Clinical Pearls, 23-Jan-1998. People are walking less and less. A report this week in the British Medical Journal estimated that people are walking 22% less today than they did in 1972. The greatest decline in walking was among 5 to 15 year olds. Thought to be primarily responsible for this decline is the rising use of the automobile. The report estimated that one fourth of all car trips are less than 2 miles. Also, since 1975 the percent of children travelling to school by car has increased from 12% to 23% in 1994. No amount of money devoted to medical care will make up for the decline in activity by our youth.
This week the Lancet reports on a patient with intractable hiccups that apparently was cured by smoking marijuana.
Recommended reading this week is Don't Sweat the Small Stuff...and it's all Small Stuff
by Richard Carlson.
Now for the pearls of the week...
About 1 in 20 Americans have asthma, with about 1 in 10 children suffering from it; the good news it that a SINGLE daily dose of inhaled steroids can control symptoms (I.e. 4 puffs once a day is as effective as 1 puff 4 times a day). J Allergy Clin Immunol 1997 100:0771.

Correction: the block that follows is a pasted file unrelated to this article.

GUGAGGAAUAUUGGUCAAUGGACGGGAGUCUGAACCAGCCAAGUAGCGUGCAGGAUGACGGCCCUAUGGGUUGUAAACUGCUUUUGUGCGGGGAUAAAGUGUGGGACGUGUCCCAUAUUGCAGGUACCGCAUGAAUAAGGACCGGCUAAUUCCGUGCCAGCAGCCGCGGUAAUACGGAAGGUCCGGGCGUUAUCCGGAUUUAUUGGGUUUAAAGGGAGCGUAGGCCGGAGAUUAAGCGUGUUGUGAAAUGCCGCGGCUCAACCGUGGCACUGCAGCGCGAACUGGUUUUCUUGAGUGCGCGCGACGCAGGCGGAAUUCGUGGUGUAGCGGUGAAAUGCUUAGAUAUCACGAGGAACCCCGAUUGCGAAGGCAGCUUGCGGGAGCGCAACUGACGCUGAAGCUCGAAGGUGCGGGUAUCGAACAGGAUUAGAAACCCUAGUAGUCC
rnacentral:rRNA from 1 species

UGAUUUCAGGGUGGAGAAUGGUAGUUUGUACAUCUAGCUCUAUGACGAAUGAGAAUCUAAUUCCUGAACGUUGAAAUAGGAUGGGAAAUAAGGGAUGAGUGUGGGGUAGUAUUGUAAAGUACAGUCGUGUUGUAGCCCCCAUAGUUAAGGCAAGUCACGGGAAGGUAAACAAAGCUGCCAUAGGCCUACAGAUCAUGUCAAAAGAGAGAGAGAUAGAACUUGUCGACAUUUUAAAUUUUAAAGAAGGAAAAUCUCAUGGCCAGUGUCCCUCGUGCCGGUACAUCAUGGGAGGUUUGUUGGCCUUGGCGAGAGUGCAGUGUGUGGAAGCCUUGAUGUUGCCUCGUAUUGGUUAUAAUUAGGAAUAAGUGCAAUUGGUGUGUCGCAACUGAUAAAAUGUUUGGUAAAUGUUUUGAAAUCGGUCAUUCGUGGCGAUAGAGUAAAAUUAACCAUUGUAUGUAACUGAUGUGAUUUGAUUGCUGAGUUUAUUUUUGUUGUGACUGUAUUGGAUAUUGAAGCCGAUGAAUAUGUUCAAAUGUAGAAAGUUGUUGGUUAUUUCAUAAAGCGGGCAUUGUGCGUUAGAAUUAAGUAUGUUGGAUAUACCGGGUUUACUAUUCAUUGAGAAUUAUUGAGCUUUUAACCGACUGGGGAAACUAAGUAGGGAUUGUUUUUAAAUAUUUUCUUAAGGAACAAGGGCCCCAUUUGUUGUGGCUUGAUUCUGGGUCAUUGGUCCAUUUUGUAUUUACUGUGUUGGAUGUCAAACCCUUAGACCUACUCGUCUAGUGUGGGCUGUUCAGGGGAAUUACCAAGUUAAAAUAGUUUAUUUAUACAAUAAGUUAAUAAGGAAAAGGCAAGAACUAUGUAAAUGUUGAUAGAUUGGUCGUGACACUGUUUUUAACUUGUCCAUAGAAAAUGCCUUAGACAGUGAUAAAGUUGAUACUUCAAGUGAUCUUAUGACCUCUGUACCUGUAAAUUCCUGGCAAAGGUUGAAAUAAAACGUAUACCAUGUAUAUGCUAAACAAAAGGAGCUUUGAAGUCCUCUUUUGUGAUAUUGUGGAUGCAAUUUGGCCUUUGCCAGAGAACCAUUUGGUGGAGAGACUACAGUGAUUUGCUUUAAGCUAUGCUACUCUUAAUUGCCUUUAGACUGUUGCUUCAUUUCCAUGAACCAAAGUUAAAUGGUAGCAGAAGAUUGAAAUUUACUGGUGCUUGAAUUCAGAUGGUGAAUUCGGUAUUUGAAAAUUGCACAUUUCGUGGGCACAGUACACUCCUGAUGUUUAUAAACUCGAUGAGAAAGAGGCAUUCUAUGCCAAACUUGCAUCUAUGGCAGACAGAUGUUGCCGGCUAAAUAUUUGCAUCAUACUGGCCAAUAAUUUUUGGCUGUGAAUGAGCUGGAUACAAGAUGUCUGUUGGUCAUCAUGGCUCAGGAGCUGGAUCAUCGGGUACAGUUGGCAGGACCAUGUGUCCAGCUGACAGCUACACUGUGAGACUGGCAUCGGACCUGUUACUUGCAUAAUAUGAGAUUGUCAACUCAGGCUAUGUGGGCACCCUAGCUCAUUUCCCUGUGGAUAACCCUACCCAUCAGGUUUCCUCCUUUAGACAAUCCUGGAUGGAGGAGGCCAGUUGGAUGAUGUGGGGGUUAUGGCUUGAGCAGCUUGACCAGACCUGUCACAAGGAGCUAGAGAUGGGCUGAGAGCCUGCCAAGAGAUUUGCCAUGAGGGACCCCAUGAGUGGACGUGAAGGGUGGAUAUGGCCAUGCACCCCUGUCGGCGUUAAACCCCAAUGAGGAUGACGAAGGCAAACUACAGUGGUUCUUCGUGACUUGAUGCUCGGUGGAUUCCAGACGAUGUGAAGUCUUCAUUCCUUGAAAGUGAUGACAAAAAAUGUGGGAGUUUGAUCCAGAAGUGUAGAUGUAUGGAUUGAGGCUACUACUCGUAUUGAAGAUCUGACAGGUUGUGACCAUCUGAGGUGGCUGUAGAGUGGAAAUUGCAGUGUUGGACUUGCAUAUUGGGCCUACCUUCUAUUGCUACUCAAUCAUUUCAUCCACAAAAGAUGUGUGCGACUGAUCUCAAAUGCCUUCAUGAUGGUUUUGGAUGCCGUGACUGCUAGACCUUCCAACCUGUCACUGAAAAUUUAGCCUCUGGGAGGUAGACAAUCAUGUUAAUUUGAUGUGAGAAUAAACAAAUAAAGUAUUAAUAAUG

The combination of aspirin and coumadin (mean INR 1.47, mean dose 4 mg/d) was successful in preventing a heart attack in 5,085 men. Treating 1,000 men with aspirin OR warfarin a year would save 3 deaths; if both used for a year, 5 deaths avoided. Lancet 1998 351:0233.
The International Study of Infarct Survival (isis 3) concluded that contrary to earlier reports, sex has a minimal effect upon outcome after a heart attack. Age and other confounding factors are much, much more important. NEJM 1998 338:0008.
It is advocated the the use of bisphosphonates for the treatment of osteoporosis be restricted to 80 year olds with at least one spinal compression fracture and also a low bone mineral density. Arch Intern Med 1997 157:2617.
Treating chronic anal fissures with botulinum toxin was found to be more effective than saline injections in this study of 30 patients. Maria G … NEJM 1998 338:0217.
Aspirin is as effective as cholesterol lowering medications in the primary prevention of a myocardial infarction. Lancet 1998 351(9098).
HMGcoA reductase inhibitors are useful in the primary prevention of stroke. Bucher HC … Ann Intern Med 1998 128(2).
In Kentucky, 60% of medicaid patients with an upper respiratory infection were given antibiotics although only an estimated 6% actually needed them. The cost savings for unnecessary antibiotic prescriptions in Kentucy is $1.62 million dollars a year. Mainous AG … Arch Fam Med 1998 007:0045.